The Prime Minister has observed that the days when undemocratic forces could usurp the rights of the people were over and that the country’s entire political force, irrespective of party affiliation, would join hands against any attempt at upsetting the applecart of democracy. He was talking to the official news agency APP at PM House on Saturday. His warning reflected the ruling setup’s apprehension that the judiciary, with its verdicts being persistently sidestepped by the PPP-led government, might collude with the army to derail the democratic exercise. Let us accept the fact that in a country with a history of military takeovers, it is inevitable for rumours of an impending coup to make the rounds whenever political forces in power clash. And as the two-and-a-half-year long standoff between the government and the Supreme Court appears to be coming to a boil, such rumours find fertile ground to grow and proliferate. The best way to quash such speculation, Prime Minister Raja Pervaiz Raja must appreciate, would be for his government to shed its resistance to the judicial pronouncements. For, the charade of ‘respect for the judiciary’ and, at the same time, persistent defiance of its clear orders is inconsistent with the cause of democracy.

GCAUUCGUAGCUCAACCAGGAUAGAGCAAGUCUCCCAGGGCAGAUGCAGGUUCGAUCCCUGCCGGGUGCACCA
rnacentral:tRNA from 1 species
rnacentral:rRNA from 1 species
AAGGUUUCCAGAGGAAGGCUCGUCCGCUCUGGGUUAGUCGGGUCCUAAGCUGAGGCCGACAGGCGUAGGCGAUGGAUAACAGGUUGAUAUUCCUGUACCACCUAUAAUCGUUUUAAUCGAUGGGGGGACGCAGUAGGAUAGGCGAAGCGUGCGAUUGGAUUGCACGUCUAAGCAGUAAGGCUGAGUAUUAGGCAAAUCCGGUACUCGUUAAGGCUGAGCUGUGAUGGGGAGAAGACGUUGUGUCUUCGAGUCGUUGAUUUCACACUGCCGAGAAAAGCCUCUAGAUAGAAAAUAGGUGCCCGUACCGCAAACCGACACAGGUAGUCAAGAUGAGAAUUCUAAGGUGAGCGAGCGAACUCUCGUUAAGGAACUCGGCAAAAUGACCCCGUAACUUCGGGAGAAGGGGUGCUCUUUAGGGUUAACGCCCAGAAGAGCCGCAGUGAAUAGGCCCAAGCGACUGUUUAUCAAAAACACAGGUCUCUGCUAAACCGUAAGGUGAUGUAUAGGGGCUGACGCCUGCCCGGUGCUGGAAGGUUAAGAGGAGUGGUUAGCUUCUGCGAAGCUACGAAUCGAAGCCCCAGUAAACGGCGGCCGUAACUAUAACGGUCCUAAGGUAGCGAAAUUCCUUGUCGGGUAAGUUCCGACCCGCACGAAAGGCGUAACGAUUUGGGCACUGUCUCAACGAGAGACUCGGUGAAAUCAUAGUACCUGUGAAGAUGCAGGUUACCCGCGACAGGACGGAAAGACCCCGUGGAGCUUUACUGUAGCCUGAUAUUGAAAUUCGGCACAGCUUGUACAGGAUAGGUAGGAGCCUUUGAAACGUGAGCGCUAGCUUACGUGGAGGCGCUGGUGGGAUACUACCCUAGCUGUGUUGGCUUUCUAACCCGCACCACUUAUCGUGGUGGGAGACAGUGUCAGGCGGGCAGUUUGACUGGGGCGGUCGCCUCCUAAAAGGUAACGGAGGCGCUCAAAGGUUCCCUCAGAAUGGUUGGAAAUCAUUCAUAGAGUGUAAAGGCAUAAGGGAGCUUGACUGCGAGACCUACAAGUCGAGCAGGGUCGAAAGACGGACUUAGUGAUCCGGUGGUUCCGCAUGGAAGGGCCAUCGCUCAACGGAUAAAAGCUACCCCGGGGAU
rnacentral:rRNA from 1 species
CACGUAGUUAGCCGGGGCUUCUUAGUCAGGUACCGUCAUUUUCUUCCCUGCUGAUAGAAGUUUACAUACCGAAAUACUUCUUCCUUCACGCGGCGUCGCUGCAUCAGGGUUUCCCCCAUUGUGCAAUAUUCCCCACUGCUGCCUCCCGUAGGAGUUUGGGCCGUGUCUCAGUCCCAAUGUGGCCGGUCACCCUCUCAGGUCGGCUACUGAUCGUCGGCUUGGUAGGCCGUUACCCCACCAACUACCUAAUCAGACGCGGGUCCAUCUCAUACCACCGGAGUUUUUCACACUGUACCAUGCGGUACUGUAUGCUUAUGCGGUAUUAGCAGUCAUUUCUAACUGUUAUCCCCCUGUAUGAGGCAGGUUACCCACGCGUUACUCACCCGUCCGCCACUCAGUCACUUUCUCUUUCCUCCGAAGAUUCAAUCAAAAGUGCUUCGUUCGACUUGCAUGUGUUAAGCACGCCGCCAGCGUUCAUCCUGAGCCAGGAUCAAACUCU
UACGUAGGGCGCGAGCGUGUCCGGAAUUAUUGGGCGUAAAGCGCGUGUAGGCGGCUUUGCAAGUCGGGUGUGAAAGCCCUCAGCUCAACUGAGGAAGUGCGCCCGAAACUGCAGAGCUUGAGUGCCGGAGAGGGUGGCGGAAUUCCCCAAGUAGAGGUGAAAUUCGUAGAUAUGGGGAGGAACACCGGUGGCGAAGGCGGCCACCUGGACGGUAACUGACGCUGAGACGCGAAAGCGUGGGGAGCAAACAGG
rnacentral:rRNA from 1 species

Prime Minister Ashraf also announced that he would always be ready to engage in talks with the opposing political elements on issues of importance to the country. This is a welcome sign suggestive of political maturity. Pakistan, as ill luck would have it, is not short of crises, by any means. For example, the daily massacre in Karachi, where coalition partners enjoy overwhelming support defies commonsense; if the partners in power cannot resolve such issues, it is difficult to believe that the government and opposition can amicably get over their differences. For instance, Punjab’s constant complaint of discrimination in the supply of electricity goes unaddressed. The critical juncture at which Pakistan stands today calls for all political parties, whether the government or the opposition, to approach matters of national import with the sole objective of resolving them in line with the demands of national interests.